Getting down with the deadbeats

Well, if this week’s anything to go by then the future of the Child Support Agency looks set to join the long list of other things (drugs, terrorism, etc.) where its close to impossible to engage in a sensible, meaningful debate.

Of course the doyen of foot-in-mouth op-ed comment, Polly Toynbee, has to put herself at the centre of proceedings as usual; and to the usual effect of demonstrating that she’s big on opinions and short on understanding what she’s talking about.

Ok, so she starts this particular flap-ed piece well enough by noting that:

The prime minister was stumped when pressed in the Commons. He admitted that the Child Support Agency is a disaster and no one knows what to do. He said the CSA has a “fundamental problem”. Indeed it does.

The trouble is that as you read on you find that she has no more idea of what to do about the CSA as Tony Blair. Oh, sure she has opinions – it’s all the fault of stereotypical deadbeat dads in batman pyjamas and they should all be automatically fined 15% of their income for daring not to live in the family home – all seemingly plausible but all in their own way as bad as anything to emanate from the CSA itself in the now 11 year course of its misbegotten existance.

In other words, the usual load of bollocks.

The CSA has been a failure from day one for the simple yet fundamental reason that it exists as a effort to reduce the complex series of siutations and interaction which occur when a relationship breaks down into a set of rules and formulae simple enough to administered by a bunch of scutters in an office.

That’s the Alpha and Omega of the CSA and its problems. It’s an ill-conceived attempt to apply the managerialist principles of a bureaucratic state to an all-to-complex set of human problems which defy categorisation into a simple set of rules that an office clerk can follow. So it’s no surprise whtsoever to find Blair et al stumped by the question of what to do about the CSA; of course he’s in a bind on this issue, its the very philosophy which lies at the heart of his approach to government which is both the cause of the problem and yet is also fundamentally incapable of offering up a solution.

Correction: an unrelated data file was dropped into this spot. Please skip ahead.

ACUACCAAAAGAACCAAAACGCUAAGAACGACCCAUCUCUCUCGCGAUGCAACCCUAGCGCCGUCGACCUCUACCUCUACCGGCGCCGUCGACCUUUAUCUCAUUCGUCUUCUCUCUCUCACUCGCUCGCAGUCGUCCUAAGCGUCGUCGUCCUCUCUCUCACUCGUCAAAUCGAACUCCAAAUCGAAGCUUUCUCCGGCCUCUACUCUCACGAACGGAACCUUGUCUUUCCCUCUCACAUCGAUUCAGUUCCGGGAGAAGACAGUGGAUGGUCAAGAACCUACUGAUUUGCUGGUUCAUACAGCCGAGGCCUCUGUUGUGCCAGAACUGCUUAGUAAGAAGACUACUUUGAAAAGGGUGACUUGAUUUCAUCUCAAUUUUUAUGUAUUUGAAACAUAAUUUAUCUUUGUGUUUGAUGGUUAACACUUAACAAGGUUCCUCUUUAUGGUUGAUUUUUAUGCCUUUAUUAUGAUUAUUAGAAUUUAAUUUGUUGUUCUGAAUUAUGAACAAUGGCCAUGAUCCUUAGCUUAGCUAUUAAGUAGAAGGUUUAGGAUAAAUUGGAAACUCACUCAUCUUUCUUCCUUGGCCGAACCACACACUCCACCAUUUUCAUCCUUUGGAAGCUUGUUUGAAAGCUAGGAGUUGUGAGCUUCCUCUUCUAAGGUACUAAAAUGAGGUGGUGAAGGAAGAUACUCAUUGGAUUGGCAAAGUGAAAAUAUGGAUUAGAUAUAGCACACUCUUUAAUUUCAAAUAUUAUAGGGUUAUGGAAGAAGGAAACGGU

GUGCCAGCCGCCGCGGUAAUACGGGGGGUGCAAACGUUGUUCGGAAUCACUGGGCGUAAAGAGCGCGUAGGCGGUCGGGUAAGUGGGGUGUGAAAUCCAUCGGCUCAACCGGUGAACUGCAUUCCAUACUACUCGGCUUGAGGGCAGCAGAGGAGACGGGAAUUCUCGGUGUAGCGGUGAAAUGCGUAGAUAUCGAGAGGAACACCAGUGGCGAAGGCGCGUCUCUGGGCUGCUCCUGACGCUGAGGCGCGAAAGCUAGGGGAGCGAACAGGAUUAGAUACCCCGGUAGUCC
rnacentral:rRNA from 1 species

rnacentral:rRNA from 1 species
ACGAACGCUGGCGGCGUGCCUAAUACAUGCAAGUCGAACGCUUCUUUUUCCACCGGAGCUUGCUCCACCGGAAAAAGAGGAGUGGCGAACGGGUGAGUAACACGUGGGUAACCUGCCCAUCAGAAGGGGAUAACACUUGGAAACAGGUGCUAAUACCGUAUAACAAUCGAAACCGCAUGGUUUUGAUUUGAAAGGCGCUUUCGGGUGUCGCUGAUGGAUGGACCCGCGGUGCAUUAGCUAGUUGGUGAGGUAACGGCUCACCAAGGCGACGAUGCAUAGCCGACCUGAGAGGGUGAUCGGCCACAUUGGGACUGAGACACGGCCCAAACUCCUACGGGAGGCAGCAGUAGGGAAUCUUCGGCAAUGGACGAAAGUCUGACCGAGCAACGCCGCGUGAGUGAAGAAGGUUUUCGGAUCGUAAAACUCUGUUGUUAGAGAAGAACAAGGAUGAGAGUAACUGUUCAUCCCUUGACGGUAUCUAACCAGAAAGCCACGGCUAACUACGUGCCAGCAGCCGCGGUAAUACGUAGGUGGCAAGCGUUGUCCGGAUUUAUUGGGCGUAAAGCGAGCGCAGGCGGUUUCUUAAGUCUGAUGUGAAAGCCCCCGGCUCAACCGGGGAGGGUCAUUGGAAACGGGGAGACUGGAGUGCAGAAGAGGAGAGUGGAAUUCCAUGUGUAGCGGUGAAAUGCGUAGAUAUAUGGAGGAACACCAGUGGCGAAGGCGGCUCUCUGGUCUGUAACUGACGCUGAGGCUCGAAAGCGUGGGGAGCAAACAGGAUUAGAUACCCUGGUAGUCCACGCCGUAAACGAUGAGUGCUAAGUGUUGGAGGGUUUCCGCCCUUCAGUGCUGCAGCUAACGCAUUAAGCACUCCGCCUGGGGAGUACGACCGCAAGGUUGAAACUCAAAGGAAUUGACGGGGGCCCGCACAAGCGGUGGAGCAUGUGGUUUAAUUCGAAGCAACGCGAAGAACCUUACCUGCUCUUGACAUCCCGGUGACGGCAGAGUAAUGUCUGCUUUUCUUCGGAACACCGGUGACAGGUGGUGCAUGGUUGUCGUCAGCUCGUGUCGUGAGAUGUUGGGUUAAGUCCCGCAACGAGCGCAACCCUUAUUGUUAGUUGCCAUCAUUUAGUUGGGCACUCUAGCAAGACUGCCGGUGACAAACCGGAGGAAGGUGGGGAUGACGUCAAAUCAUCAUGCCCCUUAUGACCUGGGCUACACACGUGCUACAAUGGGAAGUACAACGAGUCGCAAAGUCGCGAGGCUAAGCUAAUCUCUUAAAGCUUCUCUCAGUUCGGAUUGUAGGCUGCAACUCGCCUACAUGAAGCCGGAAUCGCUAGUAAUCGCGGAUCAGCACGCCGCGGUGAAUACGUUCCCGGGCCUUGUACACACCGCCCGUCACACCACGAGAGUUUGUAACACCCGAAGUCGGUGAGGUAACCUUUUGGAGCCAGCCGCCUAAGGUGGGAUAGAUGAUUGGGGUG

There is a serious and sensible debate to be had here, not just on the issue of fathers paying for the upkeep of their children but on how we, as a society, deal with a wide range of complex issues which arise from relationship breakdowns where there are children involved; and that means putting away all the stereotypes; from the embattled (and embittered?) single mum to the loser-in-batman-suit deadbeat dads – part of the irony of this debate, to date, is that many of those making most use of negative male stereotypes are the same people who would be first in the queue to complain at the first sign of the use of female stereotypes in talking about lone parents.

The power of stereotypes lies in their invariably containing a grain or two of truth amongst the sweeping generalisations. So, yes, when you come to look at the issue of absent fathers you will encounter all the old favourites: the ineffectual sad loser, Mr Mid-Life Crisis with his teenage, pregnant girlfriend in tow, the It-Was-Only-When-I-Was-Pissed wife-beater and, of course, that staple of the mid-morning talkshow, the pig-ignorant juvenile pikey wide-boy – and if that sounds like a roll call of Fathers4Justice well then that just shows what a lousy advert for father’s rights that particular group was/is. But just because they’re a lousy advert for the rights of non-residential parents doesn’t mean the underlying principles on which they’ve campaigned aren’t real and shouldn’t be taken seriously. F4J are just the idiot tip of a much larger iceberg of people, on both sides of this issue, who are getting shafted by the system.

But this is far from being the totality of absent fatherhood. Relationships fail for all manner of reasons, many of which don’t make for the kind of headlines that The Sun and Daily Mail specialise in and the fact is that there’s been no real substantive research into the experiences of non-resident parents (male or female) following a relationship breakdown – as the Guardian, itself, reported only twelve months ago. Beyond that there’s a government-funded organisation, Fathers Direct, and a self-identified ‘independent think-tank’, Child Support Analysis, and then not much else – note, I’ve not been through these sites in detail so make no endorsement of the views of either.

I can, therefore, speak only from experience of working with, in various capacities, people who have gone through relationship breakdowns and of some of the things I’ve seen – and yes there are certainly the losers, deadbeats, wifebeaters and wide-boys out there ducking their responsibilities, but there are also many decent fathers out there who would wish for nothing more than to have the chance to act as a father to their children.

I’ve seen lone parents, of both genders, struggling to make ends meet and living pretty much hand to mouth – and non-resident parents, mostly men, living the same kind of existance while trying to rebuild their own lives under system which affords them little or no help at all – its easy to forget than men can just as easily lose out financially when a relationship breaks down as, frequently, its their former partner who retains the family home and most of the material possession acquired during the course of the relationship.

To give just one example of how the system can be loaded against men, I’ve been to DSS offices with both men and women looking for help after a relationship breakdown – women, with or without children in tow, are treated by the system as vulnerable and given priority, especially if there are kids involved, which means you can expect the DSS to make an effort to find them accommodation, even if only a hostel place – and try and fast track a claim. Go to the same office with a newly-single man in the same situation and, if you’re lucky, you may come away with a contact for the nearest Sally Army soup kitchen – and I’m not kidding here, I’ve seen that happen first-hand.